TSny
Homework Helper
Gold Member
Alright, so from post #12 we see that $F(r)$ is:

$$F(r) = m \Big( \ddot r - \frac{C^2}{r^3}\Big)$$
OK

By differentiating equation (10) we get:

$$\ddot r = \frac{-\alpha^2 C^2}{r^{3/2}}$$
The power of $r$ in the denominator is not correct. Once you fix that, you will see that $F(r)$ has a nice dependence on $r$.

The power of $r$ in the denominator is not correct. Once you fix that, you will see that $F(r)$ has a nice dependence on $r$.
Oops my bad. Now fixed:

$$\ddot r = \frac{-\alpha^2 C^2}{r^3}$$

Thus $F(r)$ is:

$$F(r) = \frac{A^2}{mr^2} \Big( \frac{-\alpha^2 }{r} - \frac{1}{r}\Big)$$

This expression is OK. I've noticed that the expression $\frac{-\alpha^2 }{r}$ is OK, as $\alpha$ is dimensionless.

To put it in the same form PeroK suggested in #6, we see that:

$$\frac{d^2}{d \theta^2} \Big(\frac{1}{r}\Big) = \frac{\alpha^2 }{ke^{\alpha \theta}}$$

Thus:

$$F(r) = \frac{A^2}{mr^2} \Big( -\frac{d^2}{d \theta^2} \Big(\frac{1}{r}\Big) - \frac{1}{r}\Big)$$

Thank you all, it was fun!

Nature of the obtained force

Only the attractive inverse cube field is involved.

PeroK
Science Advisor
Homework Helper
Gold Member
$$F(r) = \frac{A^2}{mr^2} \Big( \frac{-\alpha^2 }{r} - \frac{1}{r}\Big)$$

$$\frac{d^2}{d \theta^2} \Big(\frac{1}{r}\Big) = \frac{-\alpha^2 }{ke^{\alpha \theta}}$$

$$F(r) = \frac{A^2}{mr^2} \Big( -\frac{d^2}{d \theta^2} \Big(\frac{1}{r}\Big) - \frac{1}{r}\Big)$$
Just an observation. It looks odd to me that you leave expressions in the form that you do. Maybe it's just style, but I would have written:
$$F(r) = \frac{A^2}{mr^2} \Big( \frac{-\alpha^2 }{r} - \frac{1}{r}\Big) = -\frac{A^2}{mr^3}(\alpha^2 +1)$$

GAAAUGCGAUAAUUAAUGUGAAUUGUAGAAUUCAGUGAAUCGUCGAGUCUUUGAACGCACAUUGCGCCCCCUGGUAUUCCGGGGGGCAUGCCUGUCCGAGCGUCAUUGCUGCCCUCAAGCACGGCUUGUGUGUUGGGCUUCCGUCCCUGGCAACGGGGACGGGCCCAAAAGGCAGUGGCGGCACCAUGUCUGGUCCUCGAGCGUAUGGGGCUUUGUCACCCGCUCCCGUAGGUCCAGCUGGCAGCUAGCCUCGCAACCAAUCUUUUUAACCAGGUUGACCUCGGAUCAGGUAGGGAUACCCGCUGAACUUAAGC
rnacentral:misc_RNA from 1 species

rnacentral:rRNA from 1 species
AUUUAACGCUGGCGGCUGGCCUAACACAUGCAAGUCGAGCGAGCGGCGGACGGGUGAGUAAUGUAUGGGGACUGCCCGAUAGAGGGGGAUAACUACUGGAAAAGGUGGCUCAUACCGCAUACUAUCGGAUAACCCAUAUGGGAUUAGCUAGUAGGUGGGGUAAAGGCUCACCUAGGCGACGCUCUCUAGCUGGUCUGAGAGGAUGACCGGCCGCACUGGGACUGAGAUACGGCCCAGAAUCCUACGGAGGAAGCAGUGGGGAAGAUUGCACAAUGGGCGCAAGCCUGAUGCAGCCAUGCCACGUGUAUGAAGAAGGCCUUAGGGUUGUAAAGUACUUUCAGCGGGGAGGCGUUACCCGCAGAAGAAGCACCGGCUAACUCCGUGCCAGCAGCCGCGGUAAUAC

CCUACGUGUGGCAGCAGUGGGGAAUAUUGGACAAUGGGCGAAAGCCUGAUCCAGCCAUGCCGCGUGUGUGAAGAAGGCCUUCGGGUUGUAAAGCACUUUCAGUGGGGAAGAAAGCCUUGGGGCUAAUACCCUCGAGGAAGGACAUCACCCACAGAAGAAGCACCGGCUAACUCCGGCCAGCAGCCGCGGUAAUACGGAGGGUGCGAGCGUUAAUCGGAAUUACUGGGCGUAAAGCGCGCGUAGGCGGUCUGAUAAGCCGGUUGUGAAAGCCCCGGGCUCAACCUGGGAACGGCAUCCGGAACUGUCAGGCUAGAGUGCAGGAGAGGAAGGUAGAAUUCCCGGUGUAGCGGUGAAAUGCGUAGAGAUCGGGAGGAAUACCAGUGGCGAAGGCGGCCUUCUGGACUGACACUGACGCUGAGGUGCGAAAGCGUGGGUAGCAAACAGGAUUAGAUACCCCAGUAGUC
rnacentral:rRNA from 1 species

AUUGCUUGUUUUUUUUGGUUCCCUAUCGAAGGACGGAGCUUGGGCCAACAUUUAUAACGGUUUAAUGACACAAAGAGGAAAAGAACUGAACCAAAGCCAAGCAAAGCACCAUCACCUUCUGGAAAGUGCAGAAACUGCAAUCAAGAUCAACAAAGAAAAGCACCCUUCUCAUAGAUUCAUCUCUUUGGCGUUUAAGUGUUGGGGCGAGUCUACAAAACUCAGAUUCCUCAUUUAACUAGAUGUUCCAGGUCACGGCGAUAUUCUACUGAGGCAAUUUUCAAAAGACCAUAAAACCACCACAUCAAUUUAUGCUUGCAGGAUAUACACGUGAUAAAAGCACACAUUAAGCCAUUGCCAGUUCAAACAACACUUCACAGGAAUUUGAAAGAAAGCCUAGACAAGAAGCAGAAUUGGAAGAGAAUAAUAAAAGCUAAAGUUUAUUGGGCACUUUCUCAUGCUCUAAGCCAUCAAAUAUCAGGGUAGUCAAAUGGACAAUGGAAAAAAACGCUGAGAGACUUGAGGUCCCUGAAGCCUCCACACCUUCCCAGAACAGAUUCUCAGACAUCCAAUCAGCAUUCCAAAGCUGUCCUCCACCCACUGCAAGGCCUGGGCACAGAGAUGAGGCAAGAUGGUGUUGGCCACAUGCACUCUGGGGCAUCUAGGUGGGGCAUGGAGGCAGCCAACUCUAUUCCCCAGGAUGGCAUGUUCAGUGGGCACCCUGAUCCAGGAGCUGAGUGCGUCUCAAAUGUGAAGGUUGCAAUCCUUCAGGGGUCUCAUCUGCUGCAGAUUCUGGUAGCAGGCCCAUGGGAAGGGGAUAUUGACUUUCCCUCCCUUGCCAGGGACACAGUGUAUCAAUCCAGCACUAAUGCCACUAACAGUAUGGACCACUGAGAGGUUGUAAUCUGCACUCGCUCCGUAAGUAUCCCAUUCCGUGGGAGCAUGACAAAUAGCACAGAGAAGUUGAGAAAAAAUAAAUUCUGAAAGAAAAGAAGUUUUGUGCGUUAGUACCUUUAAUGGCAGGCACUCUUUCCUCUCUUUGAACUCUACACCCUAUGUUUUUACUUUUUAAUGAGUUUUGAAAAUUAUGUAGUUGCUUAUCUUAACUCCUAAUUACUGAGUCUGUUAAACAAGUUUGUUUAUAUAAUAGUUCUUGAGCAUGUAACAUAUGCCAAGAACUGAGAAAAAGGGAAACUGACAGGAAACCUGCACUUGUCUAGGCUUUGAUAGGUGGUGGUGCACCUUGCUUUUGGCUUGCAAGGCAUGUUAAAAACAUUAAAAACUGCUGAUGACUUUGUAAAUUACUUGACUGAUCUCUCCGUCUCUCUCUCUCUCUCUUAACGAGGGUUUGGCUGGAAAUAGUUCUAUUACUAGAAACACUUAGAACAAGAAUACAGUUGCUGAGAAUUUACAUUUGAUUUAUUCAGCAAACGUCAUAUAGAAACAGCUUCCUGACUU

$$\frac{d^2}{d \theta^2} \Big(\frac{1}{r}\Big) = \frac{-\alpha^2 }{ke^{\alpha \theta}} = -\frac{\alpha^2 }{r}$$
$$F(r) = \frac{A^2}{mr^2} \Big( -\frac{d^2}{d \theta^2} \Big(\frac{1}{r}\Big) - \frac{1}{r}\Big) = -\frac{A^2}{mr^3}(\alpha^2 +1)$$

It's almost like you switch off one step before the end. It's a minor point, perhaps.

vanhees71
Science Advisor
Gold Member
2019 Award
I think the issue is a bit overcomplicated in this thread. The point is that you have given the trajectory in terms of $r=r(\theta)$. You don't care about how the trajectory is run through as a function of time. The two "homework equations" are all you really need.

The 2nd equation is nothing else than angular-momentum conservation, i.e., you can integrate it to
$$r^2 \dot{\theta}=\ell=\text{const}. \quad (*)$$
Then you introduce the central potential
$$V(r)=-\int \mathrm{d} r F(r)$$
and use the energy-conservation law,
$$\frac{m}{2} \dot{\vec{x}}^2 + V(r)=E=\text{const},$$
which reads in polar coordinates
$$\frac{m}{2} (\dot{r}^2 + r^2 \dot{\theta}^2)+V(r)=E. \qquad (**)$$
Now you can eliminate $\dot{\theta}$, using (*) and get a differential equation for $\mathrm{d}r/\mathrm{d} \theta=\dot{r}/\dot{\theta}$ from (**), which lets you derive $V(r)$ from the given solution $r=r(\theta)$.

Thank you for your post vanhees71! :)

You don't care about how the trajectory is run through as a function of time.
But note that $a)$ is asking for $r(t)$ and $\theta (t)$.

vanhees71
Science Advisor
Gold Member
2019 Award
Sure, but this you can address easier as soon has you have found $F(r)$ or $V(r)$ ;-).

PeroK
Science Advisor
Homework Helper
Gold Member
I think the issue is a bit overcomplicated in this thread. The point is that you have given the trajectory in terms of $r=r(\theta)$. You don't care about how the trajectory is run through as a function of time.
Part a) in the OP asked for the trajectory as a function of time!

vanhees71
Science Advisor
Gold Member
2019 Award
Yes, and this you get after you've found $V(r)$ by solving the equation of motion for $r$.